More than 250 brands boycott Google ads, who is the real "advertiser"? Marketing Watch


Behind the deeper level behind Google's "Advertising Gate" incident is the power struggle for advertisers and media platforms in the field of digital marketing, which also reflects a trend that companies demand for open freedom of media platforms.




Texts . . . Wang Leibo



Google seems to have become "traitorous" overnight, and big companies have joined in the resistance.

Advertisers have found that their ads are being placed in front of extremist videos on YouTube. This is difficult for business operators to accept. Because this can lead to a misconception among consumers that these brands have become "golden owners" of sponsoring terrorism.

On one level, it's also true that video publishers do get some financial returns from a user's click.

The New York Times investigation revealed that this was the case with advertisements in the Guardian, which was quick to respond, saying they would stop advertising on the platform unless it was promised that such errors would not occur again. In another case, an advertisement for American servicemen in a Hyundai car was also linked to extremist videos.

Subsequently, Mercedes-Benz, Disney, Wal-Mart, Starbucks, PepsiCo, L'Oreal, McDonald's, Audi, Johnson and Johnson, the British government and more than 250 brands, have announced that they will boycott Google advertising.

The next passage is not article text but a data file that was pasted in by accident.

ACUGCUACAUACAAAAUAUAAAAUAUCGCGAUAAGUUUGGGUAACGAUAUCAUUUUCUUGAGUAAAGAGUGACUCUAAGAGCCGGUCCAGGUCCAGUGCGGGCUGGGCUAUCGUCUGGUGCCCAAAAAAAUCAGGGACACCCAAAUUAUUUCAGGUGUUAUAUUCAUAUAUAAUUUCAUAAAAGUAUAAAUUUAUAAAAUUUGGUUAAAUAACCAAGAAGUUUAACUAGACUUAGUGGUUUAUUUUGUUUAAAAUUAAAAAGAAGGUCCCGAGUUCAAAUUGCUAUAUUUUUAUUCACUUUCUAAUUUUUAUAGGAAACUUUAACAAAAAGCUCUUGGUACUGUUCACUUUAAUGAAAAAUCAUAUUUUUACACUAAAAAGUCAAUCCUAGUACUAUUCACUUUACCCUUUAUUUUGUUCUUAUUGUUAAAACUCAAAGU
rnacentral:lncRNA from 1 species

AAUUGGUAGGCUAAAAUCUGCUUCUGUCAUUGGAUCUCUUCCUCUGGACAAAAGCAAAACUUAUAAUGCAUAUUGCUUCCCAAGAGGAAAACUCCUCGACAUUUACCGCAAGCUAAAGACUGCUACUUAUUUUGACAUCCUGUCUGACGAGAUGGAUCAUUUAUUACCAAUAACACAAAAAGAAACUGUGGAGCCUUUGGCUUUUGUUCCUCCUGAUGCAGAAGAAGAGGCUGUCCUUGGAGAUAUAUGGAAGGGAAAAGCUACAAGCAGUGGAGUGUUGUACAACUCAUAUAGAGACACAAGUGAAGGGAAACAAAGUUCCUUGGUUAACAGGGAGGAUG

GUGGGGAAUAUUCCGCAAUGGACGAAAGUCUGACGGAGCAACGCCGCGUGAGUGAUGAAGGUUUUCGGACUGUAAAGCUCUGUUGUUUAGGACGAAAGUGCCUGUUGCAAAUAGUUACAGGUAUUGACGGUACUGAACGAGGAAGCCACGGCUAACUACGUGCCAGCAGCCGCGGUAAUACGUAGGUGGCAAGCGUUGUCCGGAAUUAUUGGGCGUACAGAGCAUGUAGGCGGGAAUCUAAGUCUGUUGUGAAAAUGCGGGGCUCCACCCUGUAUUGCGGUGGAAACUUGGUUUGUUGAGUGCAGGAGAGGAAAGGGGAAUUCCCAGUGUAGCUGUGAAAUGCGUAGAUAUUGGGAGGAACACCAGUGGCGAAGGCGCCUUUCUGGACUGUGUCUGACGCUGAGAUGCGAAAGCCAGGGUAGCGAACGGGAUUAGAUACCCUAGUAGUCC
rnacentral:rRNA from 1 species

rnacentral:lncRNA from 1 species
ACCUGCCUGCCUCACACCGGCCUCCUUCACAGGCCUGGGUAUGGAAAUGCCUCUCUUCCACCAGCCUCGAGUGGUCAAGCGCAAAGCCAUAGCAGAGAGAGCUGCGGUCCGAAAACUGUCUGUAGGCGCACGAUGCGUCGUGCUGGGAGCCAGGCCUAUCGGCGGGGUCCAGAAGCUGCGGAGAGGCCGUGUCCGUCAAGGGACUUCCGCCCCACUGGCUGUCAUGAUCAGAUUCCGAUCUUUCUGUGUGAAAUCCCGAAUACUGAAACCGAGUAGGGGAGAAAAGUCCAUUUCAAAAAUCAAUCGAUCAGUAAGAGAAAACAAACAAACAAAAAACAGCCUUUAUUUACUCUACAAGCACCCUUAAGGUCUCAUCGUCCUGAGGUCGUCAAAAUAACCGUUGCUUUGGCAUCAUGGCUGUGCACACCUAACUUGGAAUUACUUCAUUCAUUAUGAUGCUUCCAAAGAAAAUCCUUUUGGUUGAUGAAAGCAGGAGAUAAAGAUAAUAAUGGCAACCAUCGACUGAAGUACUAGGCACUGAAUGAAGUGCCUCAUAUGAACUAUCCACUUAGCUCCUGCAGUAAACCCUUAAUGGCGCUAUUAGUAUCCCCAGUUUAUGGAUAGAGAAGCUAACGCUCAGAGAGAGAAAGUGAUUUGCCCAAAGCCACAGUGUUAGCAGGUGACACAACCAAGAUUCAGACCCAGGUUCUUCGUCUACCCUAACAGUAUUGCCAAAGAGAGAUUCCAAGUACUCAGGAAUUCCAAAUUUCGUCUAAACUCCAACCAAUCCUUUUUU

The reason for this problem is that it stems from a new form of programadvertising. Through the matching of the trading platform, the company's ads automatically match to the appropriate media resources. While this improves the efficiency of the transaction, it also clearly reduces advertisers' control over the advertising environment.

In other words, before it airs, companies don't know what content the ad is running.

So it's easy to understand the anger of advertisers, who have cast their anger on Google, believing that the main culprit is DoubleClick Adx, Google's program- Google bought the owner of the platform for $3.1 billion in late 2006 and then accessed advertising resources.

"As far as I know, DoubleClick offers limited orientation features, including crowd orientation and general category orientation, such as i can specify a funny video. "Secondhand data advertising product division head elegant told 36. If the enterprise has more requirements for orientation, such as the category of orientation bias security, then a premium is required.